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Seeds   Planting the Self-Watering Container    Introducing The EarthBox®    A Frost-Free Community Solar Greenhouse 

Make your own Self -Watering Container

out of Totes

by Pat Baumes

Materials for container


2 - 32 gallon Totes    Other sizes will also work.
2 tall Styrofoam cups or 1 empty tall plastic bottle.
1 top section (saw it off) of plastic bottle with threads
3/4 inch non-PVC plastic pipe (larger if you can find it.)
(You may also use PVC pipe but some people say bad chemicals leaches into the soil from it and can be taken up by the plants. Other people use PVC for everything. I have to look into it further - so for now I am using ¾ inch PEX pipe)
Funnel or make one out of top section of plastic bottle.
Coconut fiber
Garden Fabric or Black plastic garbage bag
Elastic cording or string





Drill with ¼ inch bit, 1 inch circle bit and 3 inch circle bit (or size of wicking cup)
(No 3 inch circle bit? Drill small holes for circle and then cut out with utility knife.)
Utility knife
Pencil or something to poke holes into the Styrofoam cup.  A finishing nail punch works great.
Scissors or tin snips
Hack Saw or Saber Saw
Curved Rasp
Permanent marker
Safety Glasses



The Outside Tote

Measure up the center of the length of the outside wall of the Tote for the height of the water level plus 1 inch for air. My Tote was 17 inches high and I marked mine 5 ¾ inches up.
When finished, the inside Tote will be turned upside down and inserted into the outside Tote.



The Inside Tote

Measure down the inside Tote (for a 17inch high Tote, about 10 ¾ inches.)Mark several times around the Tote, Take a yardstick or ruler and draw a line going around the Tote following the dot pattern.. (Because of the slant of the ends of the buckets, the inside Tote will sit a little high and won't rest on the bottom.)
Drill a hole on the line and then cut along line using your saber saw, tin snips or whatever works for you to get it cut. The bottom section is what you will now be working with. (Save the top section and the lid! At a later date I will show you what they can be used for.)
Turn the bottom section upside down. Take your wicking cup and place it in the Tote center open end down, and draw around it with your permanent marker. You are now going to cut the circle out either with a drill bit that size or by drilling holes around the inside of the circle edge and cutting between them with your utility knife. Using the rasp, file the edge smooth until the top of the wicking cup fits through snuggly.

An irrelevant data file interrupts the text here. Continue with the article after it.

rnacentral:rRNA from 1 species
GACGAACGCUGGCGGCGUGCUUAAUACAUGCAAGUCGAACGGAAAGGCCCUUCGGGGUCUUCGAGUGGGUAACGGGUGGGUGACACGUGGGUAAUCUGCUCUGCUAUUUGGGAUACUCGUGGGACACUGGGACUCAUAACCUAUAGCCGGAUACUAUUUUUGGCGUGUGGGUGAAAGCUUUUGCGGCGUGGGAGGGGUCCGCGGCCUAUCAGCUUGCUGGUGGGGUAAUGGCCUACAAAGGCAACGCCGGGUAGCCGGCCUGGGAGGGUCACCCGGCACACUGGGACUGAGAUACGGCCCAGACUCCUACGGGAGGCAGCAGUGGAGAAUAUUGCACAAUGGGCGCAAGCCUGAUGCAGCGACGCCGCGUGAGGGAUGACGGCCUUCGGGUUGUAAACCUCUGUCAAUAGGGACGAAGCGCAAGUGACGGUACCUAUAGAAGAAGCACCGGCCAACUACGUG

Now drill ¼ inch holes all over the remaining surface of the Tote bottom. These allow air to enter the soil.
Place the upside down Tote into the outside Tote. Because of the angle of the ends they may scrunch up. Note where the problems are, remove the tote and with Tin Snips, scissors or something, cut out sections of the ends. This may be 1 ½ inches or so. It will still scrunch somewhat.
Now with the inside Tote in place, (Press down on it) look at the mark you made on the outside Tote for the drain to make sure that when you drill the 1 inch hole it will line up to go through the inside Tote. Adjust the mark if needed. Take the inside Tote out and drill a hole through the outside Tote. Then put the inside Tote in place and mark through the hole for the inside hole. Either drill through or take it out to drill.

 Wicking Cup

               Styrofoam cup

Put the Styrofoam cup into the center hole and see if it reaches the bottom. If not you will have to make an extension. To do that, take a second cup and cut off the bottom section about an inch below the neck. This small section will set inside your wicking cup to make it taller.
Now take a pencil, stylus, nail punch or something pointed and poke holes all over the outside of the Styrofoam cup.

      or   Plastic Bottle Wicking Cup

If using a plastic bottle, put it through the center hole you have made and mark it where it will extend above the hole.
Take it out and cut top section off the bottle where you have marked it.   The top section can be used as the funnel if you wish..
If using a hard plastic bottle, drill holes all over the sides using a ¼ inch bit. For soft plastic, poke holes all over sides of bottle.
Set cup aside while working on the Water Overflow.

Water Overflow

Take a plastic soda bottle or something similar and saw off the top section with a hack saw, below the top ridge. Take this and reaching through the wicking cup hole, screw it through both Totes to the outside. It should fit snugly. If for some reason it doesn't, you could add a couple of washers and drill a hole through the center of the bottle cap and screw that onto the bottle top from the outside. If you look carefully,  you can see it in the lower right photo or two top photos.


The funnel/tube will fit going down an end of the Tote to the bottom.
Measure plastic pipe/funnel combination so it is about an inch or so taller then the assembled Totes.
Cut bottom edge on an angle so water has a place to flow out when tube rests on the bottom of the Tote.



Insert the wicking cup and tube and everything should now be in place. Take the coconut fiber and stuff it into the ends of the Tote. Both ends will now also act as wicking areas.
Now you are ready to add the damp potting mix, fertilizer and lime, following the instructions I have written for planting the Self-Watering Container.




All photos by Pat Baumes

Happy Planting!



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© 2007-2015 Crestone Solar School - All rights reserved - Disclaimer - Design P.C. Baumes - Updated 13.07.10